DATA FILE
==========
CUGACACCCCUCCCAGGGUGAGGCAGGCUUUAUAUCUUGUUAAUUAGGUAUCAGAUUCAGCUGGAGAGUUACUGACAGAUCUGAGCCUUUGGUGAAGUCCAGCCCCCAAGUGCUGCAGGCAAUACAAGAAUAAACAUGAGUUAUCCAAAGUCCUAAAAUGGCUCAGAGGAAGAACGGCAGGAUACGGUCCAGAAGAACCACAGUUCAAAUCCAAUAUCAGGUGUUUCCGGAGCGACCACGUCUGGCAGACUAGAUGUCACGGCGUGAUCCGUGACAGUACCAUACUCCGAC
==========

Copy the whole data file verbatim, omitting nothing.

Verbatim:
CUGACACCCCUCCCAGGGUGAGGCAGGCUUUAUAUCUUGUUAAUUAGGUAUCAGAUUCAGCUGGAGAGUUACUGACAGAUCUGAGCCUUUGGUGAAGUCCAGCCCCCAAGUGCUGCAGGCAAUACAAGAAUAAACAUGAGUUAUCCAAAGUCCUAAAAUGGCUCAGAGGAAGAACGGCAGGAUACGGUCCAGAAGAACCACAGUUCAAAUCCAAUAUCAGGUGUUUCCGGAGCGACCACGUCUGGCAGACUAGAUGUCACGGCGUGAUCCGUGACAGUACCAUACUCCGAC